LONDON (Reuters) - Britain’s construction sector cooled further last month but there were signs that the industry was struggling to keep up with still strong demand, a survey showed on Tuesday.
The Markit/CIPS UK construction PMI eased to 60.0 in May, its lowest level in seven months, from 60.8 in April.
It was the fourth month in a row that the pace of growth eased after hitting a six-and-a-half-year high in January.
Britain’s construction industry was hit hard by the financial crisis but has been recovering since last year thanks to record-low interest rates, government programmes to encourage people to buy new homes and falling unemployment.
The Markit index has now been above the 50 threshold denoting growth for 13 straight months.
Nonetheless, the pace of home-building has lagged demand, pushing up property prices and raising concerns at the Bank of England about risks from the housing sector for the economy.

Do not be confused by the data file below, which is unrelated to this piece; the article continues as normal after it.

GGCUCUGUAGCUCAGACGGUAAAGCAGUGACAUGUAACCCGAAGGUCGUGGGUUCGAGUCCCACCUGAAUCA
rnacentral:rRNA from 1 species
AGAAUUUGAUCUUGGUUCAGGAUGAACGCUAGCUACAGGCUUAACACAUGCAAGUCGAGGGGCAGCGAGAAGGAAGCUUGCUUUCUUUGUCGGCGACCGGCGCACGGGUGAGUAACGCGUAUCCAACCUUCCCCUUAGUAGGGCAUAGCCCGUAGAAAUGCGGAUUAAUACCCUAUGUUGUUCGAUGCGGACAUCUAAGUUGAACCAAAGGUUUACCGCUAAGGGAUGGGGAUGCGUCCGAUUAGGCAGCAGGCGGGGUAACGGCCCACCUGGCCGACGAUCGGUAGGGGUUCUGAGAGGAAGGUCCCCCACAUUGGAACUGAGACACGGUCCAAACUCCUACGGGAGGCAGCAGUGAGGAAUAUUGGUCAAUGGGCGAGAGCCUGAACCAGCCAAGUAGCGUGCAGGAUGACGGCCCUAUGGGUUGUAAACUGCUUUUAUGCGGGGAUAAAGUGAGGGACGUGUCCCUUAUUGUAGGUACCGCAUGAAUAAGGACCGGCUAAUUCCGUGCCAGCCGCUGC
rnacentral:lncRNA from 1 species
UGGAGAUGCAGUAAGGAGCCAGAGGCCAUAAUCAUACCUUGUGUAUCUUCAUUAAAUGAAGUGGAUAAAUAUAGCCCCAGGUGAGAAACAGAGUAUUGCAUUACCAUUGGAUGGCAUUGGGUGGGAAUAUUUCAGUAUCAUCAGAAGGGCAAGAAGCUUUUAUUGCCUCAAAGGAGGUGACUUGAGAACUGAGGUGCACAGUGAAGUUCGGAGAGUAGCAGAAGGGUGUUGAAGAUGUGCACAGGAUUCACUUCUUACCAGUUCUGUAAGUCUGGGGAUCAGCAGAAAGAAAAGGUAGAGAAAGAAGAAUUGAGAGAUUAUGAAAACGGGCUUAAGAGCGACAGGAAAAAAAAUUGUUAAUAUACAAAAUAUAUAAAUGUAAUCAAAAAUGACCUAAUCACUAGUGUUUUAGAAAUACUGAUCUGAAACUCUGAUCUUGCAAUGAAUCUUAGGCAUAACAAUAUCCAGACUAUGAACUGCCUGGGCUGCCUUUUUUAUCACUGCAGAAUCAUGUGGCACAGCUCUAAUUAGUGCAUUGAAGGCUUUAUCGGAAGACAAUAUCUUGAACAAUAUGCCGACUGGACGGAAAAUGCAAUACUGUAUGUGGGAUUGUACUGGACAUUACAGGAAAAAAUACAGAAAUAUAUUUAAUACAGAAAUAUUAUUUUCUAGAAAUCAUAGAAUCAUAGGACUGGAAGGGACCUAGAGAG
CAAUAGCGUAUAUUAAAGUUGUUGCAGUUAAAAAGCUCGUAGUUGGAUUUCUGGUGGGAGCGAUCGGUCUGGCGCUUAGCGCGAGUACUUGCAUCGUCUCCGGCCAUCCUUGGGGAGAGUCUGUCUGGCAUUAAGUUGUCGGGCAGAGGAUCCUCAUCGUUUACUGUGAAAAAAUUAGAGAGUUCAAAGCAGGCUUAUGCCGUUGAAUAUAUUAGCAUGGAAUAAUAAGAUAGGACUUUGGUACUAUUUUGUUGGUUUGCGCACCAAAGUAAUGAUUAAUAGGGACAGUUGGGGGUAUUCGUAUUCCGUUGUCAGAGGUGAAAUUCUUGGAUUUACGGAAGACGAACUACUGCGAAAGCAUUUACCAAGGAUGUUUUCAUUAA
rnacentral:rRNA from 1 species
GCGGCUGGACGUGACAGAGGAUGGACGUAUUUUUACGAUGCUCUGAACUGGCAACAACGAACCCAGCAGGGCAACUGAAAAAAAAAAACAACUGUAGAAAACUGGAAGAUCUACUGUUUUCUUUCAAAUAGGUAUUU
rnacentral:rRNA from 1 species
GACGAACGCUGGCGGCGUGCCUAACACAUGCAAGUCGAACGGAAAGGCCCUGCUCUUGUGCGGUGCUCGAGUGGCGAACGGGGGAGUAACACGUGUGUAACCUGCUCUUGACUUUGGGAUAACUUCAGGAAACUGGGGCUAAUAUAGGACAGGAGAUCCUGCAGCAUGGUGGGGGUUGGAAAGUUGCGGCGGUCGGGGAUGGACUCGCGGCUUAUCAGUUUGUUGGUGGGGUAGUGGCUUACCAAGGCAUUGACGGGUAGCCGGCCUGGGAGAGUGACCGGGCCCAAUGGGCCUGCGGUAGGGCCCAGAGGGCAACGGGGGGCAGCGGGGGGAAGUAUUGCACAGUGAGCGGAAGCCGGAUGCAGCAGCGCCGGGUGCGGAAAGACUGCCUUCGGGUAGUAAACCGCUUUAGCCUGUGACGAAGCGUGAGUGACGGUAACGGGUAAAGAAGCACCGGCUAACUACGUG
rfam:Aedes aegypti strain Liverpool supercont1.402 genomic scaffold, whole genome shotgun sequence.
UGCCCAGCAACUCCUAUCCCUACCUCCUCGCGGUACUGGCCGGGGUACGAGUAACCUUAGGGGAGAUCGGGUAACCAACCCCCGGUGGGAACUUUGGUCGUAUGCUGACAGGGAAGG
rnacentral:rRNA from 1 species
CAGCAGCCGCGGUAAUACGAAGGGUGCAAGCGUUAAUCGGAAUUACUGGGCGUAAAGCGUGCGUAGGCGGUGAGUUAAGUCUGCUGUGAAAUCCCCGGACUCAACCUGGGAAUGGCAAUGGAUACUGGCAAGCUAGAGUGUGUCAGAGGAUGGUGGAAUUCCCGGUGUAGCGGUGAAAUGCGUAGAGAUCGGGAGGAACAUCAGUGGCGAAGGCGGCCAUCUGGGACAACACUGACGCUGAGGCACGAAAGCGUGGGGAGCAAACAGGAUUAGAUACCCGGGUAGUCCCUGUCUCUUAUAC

The BoE has said it will try to fend off any risks from housing through mortgage controls before it resorts to higher interest rates.
Markit said housebuilding remained the best-performing sector of the construction industry last month. Commercial building was its slowest in seven months.
Markit said the May survey showed longer lead times for suppliers were causing bottlenecks and pay rates for contractors rose at their steepest pace since the survey began more than 17 years ago.
“With supply constraints still persisting, there are some concerns about how this prolonged period of growth can be sustained over the course of 2014,” said David Noble, chief executive at the Chartered Institute of Purchasing & Supply.
The construction industry remains about 10 percent smaller than before the financial crisis, Markit said.
A similar survey on Monday showed strong growth in British manufacturing continued last month.
Writing by William Schomberg; Editing by Susan Fenton